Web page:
The Dharma and the Form Body

The death of the Buddha left his followers with a difficult problem. During his life, the Buddha had been a source of authority for the Buddhist community. He was a source of teaching, a source of discipline, doctrine and all of those things that made the Buddhist tradition in that time the beginning of a great world religion.

He was also a focus of veneration and worship for many of his followers, particularly for his lay followers. So, when the Buddha died, he left the realm of rebirth, he was no longer reborn in this world and he was no longer available for intervention or any kind of worship.

What was left to fill the void? What was left after the Buddha died that could fill the void left by his absence?

Buddhist traditionally have given two answers to this question. For those who wanted to venerate or to worship the Buddha, the Buddha left behind what was called the form body. Initially, this form body was comprised simply of the relics of his cremation.

The Relics of The Buddha

As I wrote in other article, when the Buddha died, his disciples took his body and cremated it. When the cremation was over, they took the relics of the cremation and distributed them to a number of lay disciples. These were set up as the focus of worship.

Over time, any physical representation of the Buddha came to play the same role, including objects that the Buddha touched, places he visited, and even images of the Buddha.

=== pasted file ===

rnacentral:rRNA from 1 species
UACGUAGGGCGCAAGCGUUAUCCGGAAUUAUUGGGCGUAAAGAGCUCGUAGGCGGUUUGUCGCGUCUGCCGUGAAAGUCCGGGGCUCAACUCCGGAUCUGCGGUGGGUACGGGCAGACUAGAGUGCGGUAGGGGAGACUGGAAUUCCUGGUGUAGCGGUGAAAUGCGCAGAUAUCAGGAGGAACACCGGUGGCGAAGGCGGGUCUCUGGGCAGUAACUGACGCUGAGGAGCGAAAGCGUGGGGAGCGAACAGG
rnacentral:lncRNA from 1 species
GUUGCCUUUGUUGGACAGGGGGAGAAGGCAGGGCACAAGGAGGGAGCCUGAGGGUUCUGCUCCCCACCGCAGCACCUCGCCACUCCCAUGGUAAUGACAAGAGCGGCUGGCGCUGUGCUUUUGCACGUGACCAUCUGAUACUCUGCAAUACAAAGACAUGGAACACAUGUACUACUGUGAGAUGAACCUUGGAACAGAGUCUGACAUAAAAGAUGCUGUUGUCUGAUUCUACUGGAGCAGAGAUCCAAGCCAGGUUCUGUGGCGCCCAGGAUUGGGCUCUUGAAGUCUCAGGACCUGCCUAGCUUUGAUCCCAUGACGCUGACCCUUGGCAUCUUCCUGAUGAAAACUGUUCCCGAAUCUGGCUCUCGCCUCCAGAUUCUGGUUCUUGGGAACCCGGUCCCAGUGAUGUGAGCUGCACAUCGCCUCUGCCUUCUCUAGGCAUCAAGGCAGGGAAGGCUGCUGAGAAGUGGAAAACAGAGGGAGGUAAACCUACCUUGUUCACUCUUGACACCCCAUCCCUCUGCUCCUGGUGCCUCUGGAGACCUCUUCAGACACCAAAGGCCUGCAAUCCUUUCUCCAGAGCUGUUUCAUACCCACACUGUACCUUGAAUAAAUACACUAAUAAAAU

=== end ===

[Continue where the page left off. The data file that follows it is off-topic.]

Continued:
In the past, probably around the third or fourth century of the common era, one of the most important shrines in the whole Buddhist world was a shrine that was set up in what now is Pakistan. This shrine was set up to hold and to worship the Buddha’s begging ball.

Any object that was associated with the Buddha was potentially a focus of worship. These objects represented, in one way or another, the form body of the Buddha, his physical presence in this world.

The Dharma

For people who wanted to follow the Buddha’s example, he left behind what was called his Dharma. His teaching. The teaching that expresses the content of his awakening and shows the way for others to achieve this awakening themselves.

Out of this distinction in the Buddhist tradition between the physical body of the Buddha and the body of his teaching, came the distinction between two bodies of the Buddha.

Two Bodies

If you have studied Christian theology, you know that in the early years of the development of that religion, there was a lot of discussion about the two natures of Christ. Christians say that Christ is fully human and also fully divine.

As you can imagine, this distinction between the two Buddha bodies is in a way similar to that Christian distinction between the human nature and divine nature of the Christ.

The Buddha has two bodies. The form body that rises and passes away. I suppose you could say like the human nature of Christ. And the Dharma body is the eternal, and doesn’t change. It is important not to carry this comparison too far. It’s misleading to think that the Buddha is divine in either of the senses. Either in the physical sense, or the sense in which we identify the Buddha with his teaching.

The Dharma for Buddhists is beyond the gods. The gods arise and pass away. But the Dharma is eternal. In that sense it is possible to speak of the Buddha as was done in the Mahayana tradition, as being eternal, in the sense that he has left behind the body of his teaching.

In the next article we are going to begin to dig into the content of that teaching.

This article is part of the series about The Buddha's Teachings.

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